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ChangingMinds Blog! > Blog Archive > 13-Jan-12


Friday 13-January-12

Obviously, you must believe me

I saw a great sign posted up on a notice board outside a church, recently:

Obviously there is a God. Now stop worrying and enjoy life.

What a brilliant bit of persuasion! Let's look at how it works.

The first word, 'obviously' is a powerful bit of persuasion by itself. It says 'If you do not agree with me, then you must be stupid'. It is like saying 'of course', which has the same message. Most people do not want to appear stupid so they accept the linked statement without further question.

'...there is a God' is interesting in that it says 'a God'. 'A' is the indefinite article. It implies that there may be more than one god, which for a Christian church would be anathema. But perhaps they are not pushing the point. And there are probably too few pantheists to make it a worry. The main point of this part of the sentence is to get it over and done with quickly, after the tacit acceptance forced by the first word. We are hence impelled forward.

And then comes the turning of the key in the lock: a nice friendly admonition with which nobody could disagree. Who would not want to stop worrying and start enjoying life instead? We all have plenty to worry us and are often too busy just staying alive to pause and smell the roses. Such a nice statement invites us to dwell there and not on any question of deity.

So there you go. If the church is all about not worrying and enjoying life, then it seems like a nice place to go. And obviously the God thing is a given, so no need to argue there. See you on Sunday!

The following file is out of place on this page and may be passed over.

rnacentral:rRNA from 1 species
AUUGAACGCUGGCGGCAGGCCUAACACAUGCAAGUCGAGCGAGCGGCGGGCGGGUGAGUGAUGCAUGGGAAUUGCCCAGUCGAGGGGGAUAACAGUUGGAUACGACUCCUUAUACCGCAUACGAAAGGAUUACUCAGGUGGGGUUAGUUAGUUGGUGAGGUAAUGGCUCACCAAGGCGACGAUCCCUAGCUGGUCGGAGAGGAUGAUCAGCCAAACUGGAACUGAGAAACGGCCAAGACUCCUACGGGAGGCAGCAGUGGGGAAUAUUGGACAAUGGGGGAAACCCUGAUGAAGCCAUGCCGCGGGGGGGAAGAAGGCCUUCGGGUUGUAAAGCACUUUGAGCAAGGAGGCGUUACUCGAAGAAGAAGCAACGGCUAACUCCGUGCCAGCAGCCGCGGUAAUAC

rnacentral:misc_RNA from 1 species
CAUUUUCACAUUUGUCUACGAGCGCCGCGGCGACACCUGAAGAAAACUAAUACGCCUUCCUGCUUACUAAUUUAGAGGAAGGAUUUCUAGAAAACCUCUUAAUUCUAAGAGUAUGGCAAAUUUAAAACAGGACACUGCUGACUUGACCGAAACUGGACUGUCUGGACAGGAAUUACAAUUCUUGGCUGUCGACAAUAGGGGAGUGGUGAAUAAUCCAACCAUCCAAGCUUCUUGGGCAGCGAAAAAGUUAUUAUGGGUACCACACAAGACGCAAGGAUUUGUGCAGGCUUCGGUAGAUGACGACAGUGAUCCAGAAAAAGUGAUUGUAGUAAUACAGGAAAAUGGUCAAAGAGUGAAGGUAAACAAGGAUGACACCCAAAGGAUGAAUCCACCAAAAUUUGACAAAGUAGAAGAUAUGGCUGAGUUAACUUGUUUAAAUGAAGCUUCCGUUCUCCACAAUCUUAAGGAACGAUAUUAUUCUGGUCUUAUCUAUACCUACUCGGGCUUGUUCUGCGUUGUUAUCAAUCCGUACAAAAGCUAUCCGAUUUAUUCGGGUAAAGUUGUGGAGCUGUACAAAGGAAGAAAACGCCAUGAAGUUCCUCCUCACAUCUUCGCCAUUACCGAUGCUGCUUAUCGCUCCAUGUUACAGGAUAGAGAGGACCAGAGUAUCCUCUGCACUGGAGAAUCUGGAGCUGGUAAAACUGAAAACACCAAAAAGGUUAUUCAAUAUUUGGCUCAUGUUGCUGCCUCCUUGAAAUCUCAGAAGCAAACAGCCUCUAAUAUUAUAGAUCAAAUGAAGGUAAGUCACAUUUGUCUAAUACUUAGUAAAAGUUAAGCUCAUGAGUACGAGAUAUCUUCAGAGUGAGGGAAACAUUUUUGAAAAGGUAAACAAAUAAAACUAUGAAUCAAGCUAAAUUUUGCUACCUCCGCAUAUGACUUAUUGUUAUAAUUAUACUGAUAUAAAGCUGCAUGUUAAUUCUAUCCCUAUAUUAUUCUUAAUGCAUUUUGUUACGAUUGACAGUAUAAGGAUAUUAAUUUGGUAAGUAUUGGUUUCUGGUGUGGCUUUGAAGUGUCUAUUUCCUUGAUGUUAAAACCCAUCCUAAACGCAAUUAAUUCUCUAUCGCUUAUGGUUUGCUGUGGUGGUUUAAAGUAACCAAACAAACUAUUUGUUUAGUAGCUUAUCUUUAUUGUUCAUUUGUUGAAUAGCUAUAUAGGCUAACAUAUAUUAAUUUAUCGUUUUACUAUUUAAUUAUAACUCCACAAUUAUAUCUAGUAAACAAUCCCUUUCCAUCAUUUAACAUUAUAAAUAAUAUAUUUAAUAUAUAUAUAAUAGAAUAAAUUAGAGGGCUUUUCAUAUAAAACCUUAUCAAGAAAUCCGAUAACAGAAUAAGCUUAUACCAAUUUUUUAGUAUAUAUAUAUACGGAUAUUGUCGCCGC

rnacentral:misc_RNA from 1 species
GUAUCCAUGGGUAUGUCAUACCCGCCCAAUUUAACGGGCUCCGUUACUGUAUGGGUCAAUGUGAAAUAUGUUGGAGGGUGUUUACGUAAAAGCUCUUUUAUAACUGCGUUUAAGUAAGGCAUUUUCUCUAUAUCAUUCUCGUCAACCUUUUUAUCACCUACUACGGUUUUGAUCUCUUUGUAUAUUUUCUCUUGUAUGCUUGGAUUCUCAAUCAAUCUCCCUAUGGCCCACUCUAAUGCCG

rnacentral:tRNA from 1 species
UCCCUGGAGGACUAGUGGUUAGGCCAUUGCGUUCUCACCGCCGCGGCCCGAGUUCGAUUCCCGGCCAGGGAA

Your comments

I think you might be overreading this: perhaps you missed the Atheist Bus Campaign, whose slogan was "There's probably no God. Now stop worrying and enjoy your life." It's attracted many parodies and counter-advertisements, of which this is one.

For more info, see: 

I'll agree that the use of "Obviously" is very good, but the "a God" is probably just to make the sentence fit the structure imposed by the original advertisement (as opposed to, for example, "Obviously there is God" or "Obviously God exists").

-- Dan Q

Dave replies:
Good rider, Dan and indeed I did miss the Atheist Buses. I'm in the UK -- were they about here? I don't think we have as sharp a religious divide as in the USA (and maybe elsewhere). For example we don't get to hear much about the religious views of our political candidates, nor their position on Creationism.

I guess the effect the sign will have depends on whether you saw the buses or not. If you did, then maybe you will think less of the church for lack of originality. Maybe alternatively you'll be impressed at how they've done a reversal on the tactics of their 'enemies'. And the winner is? God knows.

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